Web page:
After the user submits a form, don’t forget to confirm that the submission was successful. Thanks to it, they can know they’ve finished the form.
V. CTA button
The call to action (CTA) plays a major role in a website form. All the other elements on the form work together to direct visitors toward the CTA button for conversion – the ultimate goal of every web form. Hence, you can’t miss the basic principles below to design CTAs that increase your form conversions.
18. Focus on how the CTA button looks
a. CTA button size
If your CTA is too small, people might not notice it. On the other hand, if your CTA is too big, it may overwhelm the form design and gives users an impression of being quite aggressive. So, looking at the whole page before choosing the size for your CTA is essential. Ensure the button on your form is big enough to both balance the entire design and catch visitors’ eye.
Here’s an example of a CTA button size that is suitable for all eyes. It’s neither too big nor too small.
b. The shape of CTA buttons
You may have noticed that most online CTAs (call-to-action) and buttons are rectangular. While people still use circular, square, or other shapes for CTA buttons, rectangles dominate the scene. But why? Because they provide a sense of comfort, stability, and reliability, making us feel at ease.
However, it’s been scientifically proven that humans are naturally drawn to curves. Round shapes are aesthetically more pleasing to our eyes than sharp, angular ones. In addition, circles evoke feelings of tranquility, wholeness, and balance. Putting that all together, the most effective shape for CTA buttons should be a rectangle with rounded corners. This mixed shape is favored among numerous marketers and web admins.
c. Button color
Before choosing the color for the CTA button, you must consider three factors:
- Color harmony
- Color contrast
For example, HubSpot’s “Get your free demo” button demonstrates the effective use of a color that stands out from its surroundings. It balances visual appeal and stays consistent with the website’s branding elements.
d. Eye-catching effects for buttons
Consider adding effects to your CTA button to draw users’ attention to it. There are many special effects to make your CTA buttons outstanding, increasing the chances of visitors clicking them, including:
- Rounded corners
- Drop shadows
- Beveled edges
e. CTA font
In web design, font plays a significant role in impacting a visitor’s experience. The same goes for CTAs on your web forms, which directly affect conversions and sales. So, it’s better to go for an easy-to-read font that matches the color, style, and size of your CTA.
In addition, it’s a good idea to use sans-serif fonts because they have a modern appearance and are easy to read. Remember that each sans-serif font has its own unique personality. If you have font guidelines for your brand, it makes the choice easier. If not, select a font that matches your brand personality.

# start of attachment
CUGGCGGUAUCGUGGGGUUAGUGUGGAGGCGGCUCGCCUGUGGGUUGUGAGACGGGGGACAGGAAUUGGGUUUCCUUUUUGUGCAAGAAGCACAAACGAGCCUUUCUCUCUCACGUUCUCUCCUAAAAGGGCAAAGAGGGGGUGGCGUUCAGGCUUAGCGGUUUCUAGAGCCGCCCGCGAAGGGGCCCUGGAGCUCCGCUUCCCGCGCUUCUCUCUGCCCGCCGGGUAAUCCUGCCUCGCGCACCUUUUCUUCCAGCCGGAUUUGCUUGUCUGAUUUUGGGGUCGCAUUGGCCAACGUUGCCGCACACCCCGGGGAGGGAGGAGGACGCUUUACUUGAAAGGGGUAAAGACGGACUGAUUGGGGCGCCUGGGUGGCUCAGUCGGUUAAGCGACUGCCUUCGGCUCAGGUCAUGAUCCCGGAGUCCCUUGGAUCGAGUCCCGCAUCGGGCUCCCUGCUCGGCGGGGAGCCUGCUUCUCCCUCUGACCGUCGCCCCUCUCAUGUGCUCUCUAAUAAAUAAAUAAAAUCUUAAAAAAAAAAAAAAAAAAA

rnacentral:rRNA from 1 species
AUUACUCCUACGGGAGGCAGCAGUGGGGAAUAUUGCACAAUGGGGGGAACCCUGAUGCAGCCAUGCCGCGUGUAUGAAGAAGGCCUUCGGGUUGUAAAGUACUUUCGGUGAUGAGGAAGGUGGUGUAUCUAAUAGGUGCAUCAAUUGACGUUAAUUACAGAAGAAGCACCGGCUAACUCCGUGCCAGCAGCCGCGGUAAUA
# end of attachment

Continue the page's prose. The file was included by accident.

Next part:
Consider using white space around the buttons and text on your form. Doing so will make your button more noticeable than the rest of the content. As a result, users primarily focus on buttons, increasing their likelihood of clicking on them.
19. Make CTA phrases clear and action-oriented
Buttons should clearly describe the action they perform when clicked. While “Submit” and “Cancel” may be acceptable in technical applications, they can often feel bland and generic. Instead, it’s better to use short yet descriptive phrases like “Sign up,” “Send information,” or “Create an account.”
20. Share the reasons for needing specific user information
Sometimes, visitors find it uneasy to answer some questions on your form, such as their company name or phone number. To encourage them to fill out these fields, they need to understand the reason behind it. In other words, you should explain why you need it. (And if you don’t really need it, don’t ask for it!)
21. Care about user privacy
22. Keep it minimalist and on brand
When it comes to web form design, how they look really matters. Make sure to keep your form simple, clean and eye-pleasing.
What’s more, your form should reflect your brand. Even though it’s on a small screen, having your brand on it gives it a professional look and reminds your visitors who they’re dealing with.
→ Interested in minimalism? Read more: Beginner’s Guide to Minimalist Website Design for E-commerce.
23. Use native features of mobile devices wherever possible
When dealing with data entry, it’s worth noting that both Google’s Android and Apple’s iOS offer built-in interfaces for specific types of input, like date pickers. In such cases, leverage these native elements rather than develop new ones. It’s because users tend to be more accustomed to them, resulting in a more intuitive and seamless experience.
B. Test the effectiveness of your web forms
The purpose of conducting this test is to ensure that your website forms work correctly. When your forms function properly, visitors can easily understand, complete, and submit the required information. This, in turn, helps prevent users from getting frustrated with non-working forms and leaving your website. To verify this, you should check a few key aspects:
- Identify and fix forms that are not functioning
- Correct formatting, grammar, and spelling errors
- Clarify any confusing sections of the form
- Ensure that integrations are syncing properly
- Resolve any technical bugs that may be affecting the form’s performance
I. Verify all form input fields and variables
Before launching your form on your website or app, it is crucial to conduct thorough testing. There are several areas that warrant your attention during this testing phase:
- Input field validation: Ensure that the data entered into the form reaches your intended location.
- Error messages: Test whether the error messages are displayed as expected when the form is filled out incorrectly.
- Conditional logic: If your input fields depend on conditional logic, test all possible paths and variables to ensure they function correctly.
II. Test usability and access